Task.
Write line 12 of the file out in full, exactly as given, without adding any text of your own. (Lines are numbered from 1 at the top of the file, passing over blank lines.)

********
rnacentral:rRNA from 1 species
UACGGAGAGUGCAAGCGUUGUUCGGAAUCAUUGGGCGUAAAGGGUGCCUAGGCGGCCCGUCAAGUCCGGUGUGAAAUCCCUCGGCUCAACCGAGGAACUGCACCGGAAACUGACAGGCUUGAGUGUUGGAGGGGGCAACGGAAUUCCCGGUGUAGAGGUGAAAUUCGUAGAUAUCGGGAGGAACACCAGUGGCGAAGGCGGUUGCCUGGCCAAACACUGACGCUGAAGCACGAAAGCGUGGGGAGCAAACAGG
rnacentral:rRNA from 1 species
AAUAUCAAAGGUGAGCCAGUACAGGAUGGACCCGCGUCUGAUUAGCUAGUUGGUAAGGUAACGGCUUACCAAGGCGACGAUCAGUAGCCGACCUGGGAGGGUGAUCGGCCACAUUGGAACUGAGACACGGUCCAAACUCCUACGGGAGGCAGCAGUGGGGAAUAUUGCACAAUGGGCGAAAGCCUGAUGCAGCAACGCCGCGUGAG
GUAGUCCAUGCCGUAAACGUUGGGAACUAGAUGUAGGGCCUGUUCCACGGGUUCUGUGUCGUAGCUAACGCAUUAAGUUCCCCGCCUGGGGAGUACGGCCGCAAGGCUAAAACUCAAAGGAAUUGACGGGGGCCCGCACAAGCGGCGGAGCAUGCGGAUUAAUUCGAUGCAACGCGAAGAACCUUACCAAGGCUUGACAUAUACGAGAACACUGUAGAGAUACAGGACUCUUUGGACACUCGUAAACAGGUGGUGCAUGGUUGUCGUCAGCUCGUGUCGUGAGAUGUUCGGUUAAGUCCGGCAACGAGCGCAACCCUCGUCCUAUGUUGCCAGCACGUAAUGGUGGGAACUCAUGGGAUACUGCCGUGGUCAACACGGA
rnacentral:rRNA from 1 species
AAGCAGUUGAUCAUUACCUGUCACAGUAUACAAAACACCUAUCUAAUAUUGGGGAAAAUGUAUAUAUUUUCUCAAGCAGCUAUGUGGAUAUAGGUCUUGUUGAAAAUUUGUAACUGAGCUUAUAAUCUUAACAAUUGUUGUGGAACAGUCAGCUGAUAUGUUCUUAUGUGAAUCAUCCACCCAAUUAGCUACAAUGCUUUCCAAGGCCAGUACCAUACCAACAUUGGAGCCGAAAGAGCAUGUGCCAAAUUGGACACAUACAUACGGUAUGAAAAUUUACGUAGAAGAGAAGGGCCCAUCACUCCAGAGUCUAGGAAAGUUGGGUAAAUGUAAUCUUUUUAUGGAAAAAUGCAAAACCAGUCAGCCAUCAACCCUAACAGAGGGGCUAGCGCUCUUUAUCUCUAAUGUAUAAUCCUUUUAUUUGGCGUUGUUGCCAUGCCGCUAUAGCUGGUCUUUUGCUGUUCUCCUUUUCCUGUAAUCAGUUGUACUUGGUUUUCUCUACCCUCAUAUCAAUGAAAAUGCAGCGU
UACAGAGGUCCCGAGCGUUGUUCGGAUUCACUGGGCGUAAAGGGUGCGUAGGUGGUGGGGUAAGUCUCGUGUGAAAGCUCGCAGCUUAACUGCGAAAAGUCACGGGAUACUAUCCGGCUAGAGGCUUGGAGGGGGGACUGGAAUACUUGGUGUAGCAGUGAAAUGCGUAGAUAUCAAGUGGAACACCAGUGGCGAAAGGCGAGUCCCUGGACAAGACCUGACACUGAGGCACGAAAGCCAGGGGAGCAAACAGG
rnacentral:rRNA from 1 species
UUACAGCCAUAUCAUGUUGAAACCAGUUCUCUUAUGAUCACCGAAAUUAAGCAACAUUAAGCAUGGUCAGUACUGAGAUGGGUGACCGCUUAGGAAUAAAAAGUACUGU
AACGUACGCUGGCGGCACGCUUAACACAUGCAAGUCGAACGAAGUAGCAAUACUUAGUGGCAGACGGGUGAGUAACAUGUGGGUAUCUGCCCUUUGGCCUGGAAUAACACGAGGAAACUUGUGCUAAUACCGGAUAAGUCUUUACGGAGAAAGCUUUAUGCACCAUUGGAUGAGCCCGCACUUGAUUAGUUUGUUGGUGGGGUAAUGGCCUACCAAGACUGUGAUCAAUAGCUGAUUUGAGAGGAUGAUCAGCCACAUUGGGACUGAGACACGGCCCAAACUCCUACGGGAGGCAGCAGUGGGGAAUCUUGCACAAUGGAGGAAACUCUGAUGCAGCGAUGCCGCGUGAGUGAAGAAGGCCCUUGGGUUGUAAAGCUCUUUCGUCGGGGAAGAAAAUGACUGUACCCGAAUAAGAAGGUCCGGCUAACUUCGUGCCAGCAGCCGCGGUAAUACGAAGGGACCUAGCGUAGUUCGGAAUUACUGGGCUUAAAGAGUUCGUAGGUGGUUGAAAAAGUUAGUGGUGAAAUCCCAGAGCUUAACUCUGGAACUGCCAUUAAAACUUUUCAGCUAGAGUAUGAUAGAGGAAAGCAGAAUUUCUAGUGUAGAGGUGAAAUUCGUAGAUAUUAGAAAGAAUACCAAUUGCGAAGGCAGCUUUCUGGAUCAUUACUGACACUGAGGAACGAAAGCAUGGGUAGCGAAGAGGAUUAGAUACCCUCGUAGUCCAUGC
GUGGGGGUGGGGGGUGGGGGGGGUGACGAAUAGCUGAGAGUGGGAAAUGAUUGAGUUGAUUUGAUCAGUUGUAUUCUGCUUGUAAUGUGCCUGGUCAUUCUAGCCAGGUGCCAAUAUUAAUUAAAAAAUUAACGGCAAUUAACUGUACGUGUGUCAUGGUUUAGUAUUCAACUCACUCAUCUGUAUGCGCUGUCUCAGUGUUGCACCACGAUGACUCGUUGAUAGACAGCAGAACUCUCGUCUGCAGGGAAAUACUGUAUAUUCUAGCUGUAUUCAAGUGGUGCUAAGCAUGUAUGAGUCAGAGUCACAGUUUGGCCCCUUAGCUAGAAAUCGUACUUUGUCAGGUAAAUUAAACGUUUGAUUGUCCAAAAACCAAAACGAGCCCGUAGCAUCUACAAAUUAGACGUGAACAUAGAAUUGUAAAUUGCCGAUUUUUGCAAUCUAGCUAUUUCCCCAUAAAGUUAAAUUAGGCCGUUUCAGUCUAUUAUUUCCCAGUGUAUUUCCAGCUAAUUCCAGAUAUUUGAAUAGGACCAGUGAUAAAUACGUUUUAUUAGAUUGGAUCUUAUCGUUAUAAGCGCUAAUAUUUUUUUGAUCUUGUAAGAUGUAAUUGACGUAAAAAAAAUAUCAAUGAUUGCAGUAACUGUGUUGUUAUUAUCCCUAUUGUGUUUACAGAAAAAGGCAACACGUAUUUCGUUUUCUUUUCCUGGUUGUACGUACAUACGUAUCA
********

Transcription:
GUGGGGGUGGGGGGUGGGGGGGGUGACGAAUAGCUGAGAGUGGGAAAUGAUUGAGUUGAUUUGAUCAGUUGUAUUCUGCUUGUAAUGUGCCUGGUCAUUCUAGCCAGGUGCCAAUAUUAAUUAAAAAAUUAACGGCAAUUAACUGUACGUGUGUCAUGGUUUAGUAUUCAACUCACUCAUCUGUAUGCGCUGUCUCAGUGUUGCACCACGAUGACUCGUUGAUAGACAGCAGAACUCUCGUCUGCAGGGAAAUACUGUAUAUUCUAGCUGUAUUCAAGUGGUGCUAAGCAUGUAUGAGUCAGAGUCACAGUUUGGCCCCUUAGCUAGAAAUCGUACUUUGUCAGGUAAAUUAAACGUUUGAUUGUCCAAAAACCAAAACGAGCCCGUAGCAUCUACAAAUUAGACGUGAACAUAGAAUUGUAAAUUGCCGAUUUUUGCAAUCUAGCUAUUUCCCCAUAAAGUUAAAUUAGGCCGUUUCAGUCUAUUAUUUCCCAGUGUAUUUCCAGCUAAUUCCAGAUAUUUGAAUAGGACCAGUGAUAAAUACGUUUUAUUAGAUUGGAUCUUAUCGUUAUAAGCGCUAAUAUUUUUUUGAUCUUGUAAGAUGUAAUUGACGUAAAAAAAAUAUCAAUGAUUGCAGUAACUGUGUUGUUAUUAUCCCUAUUGUGUUUACAGAAAAAGGCAACACGUAUUUCGUUUUCUUUUCCUGGUUGUACGUACAUACGUAUCA